WASHINGTON: Democrats invented American slavery, and Republicans ended it. This is just one notion that Republicans and their biggest fans—men like Dinesh D’Souza and Mark Levin—now push with regards to race. Their historical mythology says that Republicans tried to heal the wounds inflicted on America by the race policies of Democrats. These intellectual entrepreneurs blame the Democratic Party for slavery, Jim Crow and almost every other race-based blot on American history.
Republicans, in this revisionist history, are the angels who wiped out the racial inequities imposed on America by Democrats.
This is a pudding of untruths studded with plums of equivocation. But we are dealing with political parties, the very wombs of prevarication.
Dinesh D’Souza is a naturalized American who understands his adopted country’s history about as well as most people understand quantum physics. He claims that Democrats were responsible for slavery, as if the DNC existed in the 17th century and held Hollywood fundraisers to finance slave ships.
If his target is the Democratic Party—formerly the Democratic-Republican Party, formally called the Republican Party—founded by Thomas Jefferson and James Madison in 1792, that party was no more or less responsible for slavery in America than the Whigs.
The story of slavery in America flatters neither party.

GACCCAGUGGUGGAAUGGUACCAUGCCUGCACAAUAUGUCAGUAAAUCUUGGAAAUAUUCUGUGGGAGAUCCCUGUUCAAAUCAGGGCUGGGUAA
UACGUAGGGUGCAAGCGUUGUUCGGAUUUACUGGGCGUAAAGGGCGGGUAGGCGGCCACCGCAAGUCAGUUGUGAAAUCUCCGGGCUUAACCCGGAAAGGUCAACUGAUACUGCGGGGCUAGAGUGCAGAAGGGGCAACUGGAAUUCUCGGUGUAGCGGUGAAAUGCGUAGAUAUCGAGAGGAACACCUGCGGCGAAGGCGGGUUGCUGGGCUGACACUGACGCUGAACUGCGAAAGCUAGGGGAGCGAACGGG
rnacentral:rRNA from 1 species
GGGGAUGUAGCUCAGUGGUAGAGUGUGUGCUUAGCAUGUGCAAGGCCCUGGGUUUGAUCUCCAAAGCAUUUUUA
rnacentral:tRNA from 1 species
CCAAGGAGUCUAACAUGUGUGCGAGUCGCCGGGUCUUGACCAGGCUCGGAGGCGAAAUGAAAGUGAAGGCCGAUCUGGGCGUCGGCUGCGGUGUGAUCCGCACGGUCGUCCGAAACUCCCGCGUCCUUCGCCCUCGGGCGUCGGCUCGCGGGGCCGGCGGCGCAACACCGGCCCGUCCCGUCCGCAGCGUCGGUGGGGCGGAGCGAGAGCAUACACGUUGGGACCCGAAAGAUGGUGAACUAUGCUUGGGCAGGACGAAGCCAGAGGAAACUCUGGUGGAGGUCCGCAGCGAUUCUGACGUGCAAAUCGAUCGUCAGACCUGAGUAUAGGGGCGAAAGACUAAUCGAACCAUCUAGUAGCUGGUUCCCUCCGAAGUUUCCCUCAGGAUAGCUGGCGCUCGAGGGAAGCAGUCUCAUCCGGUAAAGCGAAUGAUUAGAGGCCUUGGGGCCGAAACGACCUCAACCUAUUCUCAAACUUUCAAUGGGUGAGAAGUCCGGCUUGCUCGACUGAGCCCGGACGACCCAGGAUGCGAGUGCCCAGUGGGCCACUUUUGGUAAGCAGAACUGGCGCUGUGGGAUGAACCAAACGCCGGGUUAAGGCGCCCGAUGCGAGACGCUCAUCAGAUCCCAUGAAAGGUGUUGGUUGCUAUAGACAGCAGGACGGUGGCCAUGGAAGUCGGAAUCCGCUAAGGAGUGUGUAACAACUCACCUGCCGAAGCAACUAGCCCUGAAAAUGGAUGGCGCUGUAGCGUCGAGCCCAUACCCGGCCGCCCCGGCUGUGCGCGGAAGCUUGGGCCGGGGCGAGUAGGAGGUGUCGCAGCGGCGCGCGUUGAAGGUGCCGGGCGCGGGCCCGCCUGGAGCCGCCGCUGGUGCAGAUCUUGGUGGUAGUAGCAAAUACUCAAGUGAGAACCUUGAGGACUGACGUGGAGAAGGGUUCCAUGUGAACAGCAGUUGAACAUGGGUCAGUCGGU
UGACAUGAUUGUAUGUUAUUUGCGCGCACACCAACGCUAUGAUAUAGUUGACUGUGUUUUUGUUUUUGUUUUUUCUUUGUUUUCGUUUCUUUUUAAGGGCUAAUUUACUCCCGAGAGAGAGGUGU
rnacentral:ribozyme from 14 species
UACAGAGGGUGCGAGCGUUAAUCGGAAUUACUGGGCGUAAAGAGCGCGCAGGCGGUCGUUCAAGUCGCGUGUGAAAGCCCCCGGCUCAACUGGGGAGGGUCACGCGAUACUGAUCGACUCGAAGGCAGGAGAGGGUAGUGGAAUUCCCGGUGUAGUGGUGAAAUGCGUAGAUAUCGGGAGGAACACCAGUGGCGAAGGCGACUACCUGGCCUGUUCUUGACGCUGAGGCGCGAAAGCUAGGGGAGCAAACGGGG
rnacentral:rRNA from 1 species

Most American schoolchildren learn about “molasses, rum and slaves“, the triangular slave trade between Europe, Africa, and the Americas. The Portuguese began exploring the African coast in the 1430s, looking for gold. They found slaves, and by 1500 had taken over 80,000 of them to sell in Europe and to Muslim merchants in Africa.
After the discovery of the Americas, slave traders began taking Africans to Brazil, the Caribbean, and North America, ultimately transporting over 11 million people across the Atlantic as cheap labor. A million and a half of them died in transit.
In 1860, slaves made up 57 percent of the population in South Carolina. This is the highest percentage of any slave-owning state in the union. Mississippi’s slave percentage was 55 percent, followed by Louisiana (47 percent), Alabama (45 percent), and Florida and Georgia (44 percent). In 1860, Virginia had the highest slave population, 490,865, of any state in the country.
These states were the first six states to secede from the Union following Lincoln’s election.
Just a year later, Virginia was home to the Confederate capital of Richmond.
Who bought the slaves?
Most slaves in North America were purchased from the Caribbean. From 1600 to 1776, they ended up in almost every colony. According to Ira Berlin, in 1770, there were almost 5,000 slaves in Massachusetts, 5,700 in Connecticut, and over 19,000 in New York. Merchants, plantation owners and regular householders all bought slaves.
By 1700, over 40 percent of New York City’s households held slaves.
Slave ownership crossed party lines. These slaves were held by people who ended up in every major political party after American independence.
D’Souza claims that the Democratic Party was pro-slavery
D’Souza argues “scientifically” that not a single Republican owned a slave in 1860. “Name five”, he demands, and he’ll withdraw the claim. The claim is almost certainly true. The claim is not that no Republicans had ever held slaves, but only that, in 1860, none did.
The Republican Party was created in 1854 from the ruins of the Whig Party in direct response to the Kansas-Nebraska Act, which allowed the extension of slavery into some U.S. territories. Its early ideology was in support of classical liberalism. Because Republicans opposed expanding slavery, it isn’t surprising that, by 1860, when they first came to power, there were no Party leaders who owned slaves.